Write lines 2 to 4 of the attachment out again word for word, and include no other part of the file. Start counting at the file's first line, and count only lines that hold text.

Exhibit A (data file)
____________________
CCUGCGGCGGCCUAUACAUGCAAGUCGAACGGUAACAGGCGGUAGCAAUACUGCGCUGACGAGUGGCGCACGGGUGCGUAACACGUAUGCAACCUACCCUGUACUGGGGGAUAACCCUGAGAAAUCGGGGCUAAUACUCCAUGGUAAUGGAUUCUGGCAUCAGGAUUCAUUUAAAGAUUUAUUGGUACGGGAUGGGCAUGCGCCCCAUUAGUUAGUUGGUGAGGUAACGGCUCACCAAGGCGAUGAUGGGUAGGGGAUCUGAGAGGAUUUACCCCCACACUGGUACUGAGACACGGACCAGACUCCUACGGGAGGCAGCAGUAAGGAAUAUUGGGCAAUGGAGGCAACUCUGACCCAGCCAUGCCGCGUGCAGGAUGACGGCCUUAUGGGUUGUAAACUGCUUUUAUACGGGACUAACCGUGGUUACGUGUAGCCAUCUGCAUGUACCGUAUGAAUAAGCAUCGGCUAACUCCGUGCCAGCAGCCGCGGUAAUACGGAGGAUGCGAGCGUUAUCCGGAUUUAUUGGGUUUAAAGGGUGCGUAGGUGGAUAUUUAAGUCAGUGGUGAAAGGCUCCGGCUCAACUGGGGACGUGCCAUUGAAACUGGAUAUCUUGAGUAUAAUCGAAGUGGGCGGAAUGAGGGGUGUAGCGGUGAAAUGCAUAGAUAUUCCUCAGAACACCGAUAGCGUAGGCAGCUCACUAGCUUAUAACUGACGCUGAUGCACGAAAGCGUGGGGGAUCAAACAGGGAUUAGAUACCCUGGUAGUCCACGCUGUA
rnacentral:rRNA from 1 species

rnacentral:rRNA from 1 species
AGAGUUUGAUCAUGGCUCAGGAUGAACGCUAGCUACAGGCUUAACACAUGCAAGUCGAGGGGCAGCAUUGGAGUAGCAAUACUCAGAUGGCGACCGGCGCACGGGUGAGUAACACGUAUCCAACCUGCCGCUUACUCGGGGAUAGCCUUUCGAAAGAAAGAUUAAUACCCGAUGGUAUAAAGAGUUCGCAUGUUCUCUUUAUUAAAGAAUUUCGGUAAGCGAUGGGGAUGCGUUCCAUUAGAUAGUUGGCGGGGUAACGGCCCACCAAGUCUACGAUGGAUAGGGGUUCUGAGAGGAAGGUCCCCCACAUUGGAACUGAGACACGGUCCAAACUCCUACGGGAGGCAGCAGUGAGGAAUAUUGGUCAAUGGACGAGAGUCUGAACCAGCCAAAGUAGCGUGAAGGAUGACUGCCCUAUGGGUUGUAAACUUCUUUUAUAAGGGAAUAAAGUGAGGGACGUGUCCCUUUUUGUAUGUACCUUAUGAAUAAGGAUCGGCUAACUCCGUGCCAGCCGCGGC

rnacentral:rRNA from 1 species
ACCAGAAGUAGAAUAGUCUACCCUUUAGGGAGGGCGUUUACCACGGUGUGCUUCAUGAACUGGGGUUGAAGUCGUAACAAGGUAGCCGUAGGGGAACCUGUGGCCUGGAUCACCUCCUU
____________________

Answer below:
rnacentral:rRNA from 1 species

rnacentral:rRNA from 1 species
AGAGUUUGAUCAUGGCUCAGGAUGAACGCUAGCUACAGGCUUAACACAUGCAAGUCGAGGGGCAGCAUUGGAGUAGCAAUACUCAGAUGGCGACCGGCGCACGGGUGAGUAACACGUAUCCAACCUGCCGCUUACUCGGGGAUAGCCUUUCGAAAGAAAGAUUAAUACCCGAUGGUAUAAAGAGUUCGCAUGUUCUCUUUAUUAAAGAAUUUCGGUAAGCGAUGGGGAUGCGUUCCAUUAGAUAGUUGGCGGGGUAACGGCCCACCAAGUCUACGAUGGAUAGGGGUUCUGAGAGGAAGGUCCCCCACAUUGGAACUGAGACACGGUCCAAACUCCUACGGGAGGCAGCAGUGAGGAAUAUUGGUCAAUGGACGAGAGUCUGAACCAGCCAAAGUAGCGUGAAGGAUGACUGCCCUAUGGGUUGUAAACUUCUUUUAUAAGGGAAUAAAGUGAGGGACGUGUCCCUUUUUGUAUGUACCUUAUGAAUAAGGAUCGGCUAACUCCGUGCCAGCCGCGGC